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Blood bank donation good gift idea

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There are few gifts as inexpensive and meaningful as the one that sustains life. The Armed Services Blood Bank Center on Joint Base Lewis-McChord collected donations of said gift at Nelson Recreation Center Nov. 30 for one of its most successful drives to date.

Each unit of blood collected by the ASBBC is sent directly troops serving downrange within seven days of collection.

"Our main purpose in life is to support contingency operations Iraq and Afghanistan, and then after that it goes to military medical facilities," said Victor Shermer, ASBBC blood donor recruiter.

Nearly three dozen Soldiers congregated outside waiting for the doors to open at 11:30 a.m., and they continued to trickle in through 6 p.m. First Sgt. John Knight of B Company, 4th Battalion, 23rd Infantry Regiment, was part of the reason so many Soldiers lined up early. As incentive, he gave those who donated permission to report to work a few hours late the following day. But Knight insists that was hardly the reason why any of his Soldiers were there. Like others who donated that day, they all shared one thing in common: the desire to help fellow Soldiers.

"If we can give it, then why not?" Knight said.

"They're all working hard over there, and this is the least we can do," added Capt. Seth Nason, B Co., commander, 4-23 Inf.

Sounds simple enough, but statistics indicate a harsh reality. Although the drive at Nelson was vastly successful with 158 units of blood collected, more than 40 people who came hoping to donate were turned away because of eligibility requirements.

A number of factors can disqualify a potential donor, including exposure to malaria-endemic countries within the last year, recent tattoos and body piercings, pregnancy, certain immunizations and poor health. Each restriction is in place to ensure blood recipients receive an uncontaminated product. Although the list of restrictions seems long, the problem is not finding people who meet all requirements. It's finding people who are willing to donate.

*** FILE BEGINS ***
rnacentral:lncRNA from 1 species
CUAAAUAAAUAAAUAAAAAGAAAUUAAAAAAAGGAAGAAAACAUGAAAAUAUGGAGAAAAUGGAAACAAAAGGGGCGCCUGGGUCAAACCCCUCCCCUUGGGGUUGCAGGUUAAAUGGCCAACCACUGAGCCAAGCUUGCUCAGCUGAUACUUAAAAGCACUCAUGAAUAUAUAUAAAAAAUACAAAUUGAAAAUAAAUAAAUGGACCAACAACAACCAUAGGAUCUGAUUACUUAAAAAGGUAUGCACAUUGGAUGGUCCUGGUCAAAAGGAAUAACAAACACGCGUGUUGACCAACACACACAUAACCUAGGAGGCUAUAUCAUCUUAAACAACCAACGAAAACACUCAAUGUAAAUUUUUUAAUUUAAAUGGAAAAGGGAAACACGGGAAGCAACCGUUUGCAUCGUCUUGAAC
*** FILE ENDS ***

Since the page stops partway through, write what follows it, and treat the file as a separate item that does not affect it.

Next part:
"Of the ones who are eligible to donate, only about 3 percent of them actually donate," Shermer said.

It's an even bigger challenge during the holidays when so many people are on block leave or simply too busy to take time out to donate.

For Corinne Riley, there are no excuses to not give blood. The mother of two brought her children, who patiently waited while she and her husband made their way through the hour-long process. Riley donates year-round and wishes other people consider doing the same.

"People assume that somebody else will take care of it," Riley said. "They don't realize how important it is until they need it. They think it just sits on a shelf and doesn't get used."

An excuse for not donating that Tumara Moore often hears is a fear of needles. Moore, an Army spouse, became emotional while speaking about the impact others would have if people would overlook any phobia and focus on the goal.

"The pain only lasts for a little while," Moore said. "There are so many selfish, selfish people out there that just don't want to take the time, and it's ridiculous."

Eligible donors can donate every 56 days. The entire process takes less than an hour in most cases, with the blood draw taking anywhere from 3 to 15 minutes, depending on blood flow. Shermer said he aims to have three to four blood drives a week, but the donor center is open Monday through Friday. The center is only authorized to hold blood drives at military installations, ROTC programs and federal agencies, making it even more difficult to collect compared to civilian organizations, like the American Red Cross, which can host blood drives virtually anywhere.

As a former Red Cross volunteer and firm believer in helping those in need, Moore can't wrap her mind around why people don't give blood if they are eligible.

"If you needed blood, wouldn't you want there to be accessibility?" she said. "I know if I was needing it, I would certainly hope that someone would do it for me. You're saving a life ... And it's free."

The ASBBC's donor center is located in Madigan Annex, Building 9904. The clinic is open Monday through Friday, from 8 a.m. until 3 p.m. Interested donors can walk in or schedule an appointment by calling 968-1903.

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